11. De Miguel M.P., Fuentes-Julian S., Blazquez-Martinez A. et al. Immunosuppressive properties of mesenchymal stem cells: advances and applications. Current Molecular Medicine. 2012; 12(5): 574-91.

  12. De Bari C., Dell’Accio F., Tylzanowski P., Luyten F. P. Multipotent mesenchymal stem cells from adult human synovial membrane. Arthritis and Rheumatism. 2001; 44(8): 1928-42.

  13. Erices A., Conget P., Minguell J. J. Mesenchymal progenitor cells in human umbilical cord blood. British Journal of Haematology. 2000; 109(1): 235-42.

  14. Hoogduijn M.J., Crop M.J., Peeters A.M. et al. Human heart, spleen, and perirenal fat-derived mesenchymal stem cells have immunomodulatory capacities. Stem Cells and Development. 2007; 16(4): 597-604.

  15. In’t Anker P.S., Scherjon S.A., Kleijburg-van der Keur C. et al. Amniotic fluid as a novel source of mesenchymal stem cells for therapeutic transplantation. Blood. 2003; 102(4): 1548-9.

  16. Kadiyala S., Young R.G., Thiede M.A., Bruder S.P. Culture expanded canine mesenchymal stem cells possess osteochondrogenic potential in vivo and in vitro. Cell Transplantation. 1997; 6(2): 125-34.

  17. Zuk P.A., Zhu M., Ashjian P. et al. Human adipose tissue is a source of multipotent stem cells. Molecular Biology of the Cell. 2002; 13(12): 4279-95.

  18. Serakinci N, Guldberg P, Burns JS, Abdallah B, Schrødder H, Jensen T, Kassem M. Adult human mesenchymal stem cell as a target for neoplastic transformation. Oncogene. 2004 Jun 24;23(29):5095-8. DOI: 10.1038/sj.onc.1207651.

  19. Houghton J, Stoicov C, Nomura S, Rogers AB, Carlson J, Li H, Cai X, Fox JG, Goldenring JR, Wang TC. Gastric cancer originating from bone marrow-derived cells. Science. 2004 Nov 26;306(5701):1568-71. DOI: 10.1126/science.1099513.

  20. De la Fuente, Bernad A, Garcia-Castro J, Martin MC, Cigudosa JC. Retraction: Spontaneous human adult stem cell transformation. Cancer Res. 2010 Aug 15;70(16):6682. doi: 10.1158/0008-5472.CAN-10-2451.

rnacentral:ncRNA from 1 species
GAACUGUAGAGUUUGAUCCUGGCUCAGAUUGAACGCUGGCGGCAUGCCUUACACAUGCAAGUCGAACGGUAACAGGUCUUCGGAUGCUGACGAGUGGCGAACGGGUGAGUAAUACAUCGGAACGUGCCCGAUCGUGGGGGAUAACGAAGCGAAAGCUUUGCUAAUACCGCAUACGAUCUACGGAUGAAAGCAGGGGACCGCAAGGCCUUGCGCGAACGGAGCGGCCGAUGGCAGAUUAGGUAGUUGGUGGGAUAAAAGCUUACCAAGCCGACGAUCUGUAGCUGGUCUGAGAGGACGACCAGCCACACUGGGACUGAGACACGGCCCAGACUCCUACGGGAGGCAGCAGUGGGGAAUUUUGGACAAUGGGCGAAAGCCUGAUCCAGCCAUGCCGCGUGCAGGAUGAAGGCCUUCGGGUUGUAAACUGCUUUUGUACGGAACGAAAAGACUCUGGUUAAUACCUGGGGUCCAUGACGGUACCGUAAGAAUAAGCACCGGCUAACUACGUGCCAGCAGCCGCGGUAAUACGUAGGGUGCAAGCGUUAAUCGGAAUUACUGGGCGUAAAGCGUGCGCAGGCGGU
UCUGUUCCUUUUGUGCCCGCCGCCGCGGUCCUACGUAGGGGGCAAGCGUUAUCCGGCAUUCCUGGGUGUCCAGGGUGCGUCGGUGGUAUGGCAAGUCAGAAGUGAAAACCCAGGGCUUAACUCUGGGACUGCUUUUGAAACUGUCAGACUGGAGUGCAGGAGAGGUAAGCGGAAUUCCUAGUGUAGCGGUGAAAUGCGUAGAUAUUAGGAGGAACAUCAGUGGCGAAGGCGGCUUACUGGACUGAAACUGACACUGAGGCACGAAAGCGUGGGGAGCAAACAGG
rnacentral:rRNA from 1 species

21. Torsvik A, Røsland GV, Svendsen A, Molven A, Immervoll H, McCormack E, Lønning PE, Primon M, Sobala E, Tonn JC, Goldbrunner R, Schichor C, Mysliwietz J, Lah TT, Motaln H, Knappskog S, Bjerkvig R. Spontaneous malignant transformation of human mesenchymal stem cells reflects cross-contamination: putting the research field on track – letter. Cancer Res. 2010 Aug 1;70(15):6393-6. doi: 10.1158/0008-5472.CAN-10-1305.

  22. Truong TH, Moorjani R, Dewey D, Guilcher GM, Prokopishyn NL, Lewis VA. Adverse reactions during stem cell infusion in children treated with autologous and allogeneic stem cell transplantation. Bone Marrow Transplant. 2016 May;51(5):680-6. doi: 10.1038/bmt.2015.331.

  23. Zhang J, Huang X, Wang H, Liu X, Zhang T, Wang Y, Hu D. The challenges and promises of allogeneic mesenchymal stem cells for use as a cell-based therapy. Stem Cell Res Ther. 2015 Dec 1;6:234. doi: 10.1186/s13287-015-0240-9.

  24. Ankrum, J., Ong, J. & Karp, J. Mesenchymal stem cells: immune evasive, not immune privileged. Nat Biotechnol 32, 252–260 (2014). https://doi.org/10.1038/nbt.2816

  25. Li L, Baroja ML, Majumdar A, Chadwick K, Rouleau A, Gallacher L, Ferber I, Lebkowski J, Martin T, Madrenas J, Bhatia M. Human embryonic stem cells possess immune-privileged properties. Stem Cells. 2004;22(4):448-56. doi: 10.1634/stemcells.22-4-448.

More sources

Medical Advisor, Swiss Medica doctor

May interest you


We use cookies on our site to ensure that we give you the best browsing experience. By continuing to browse the site, you agree to this use. For more information on how we use cookies, see our Cookie Policy and Privacy Policy.

Got it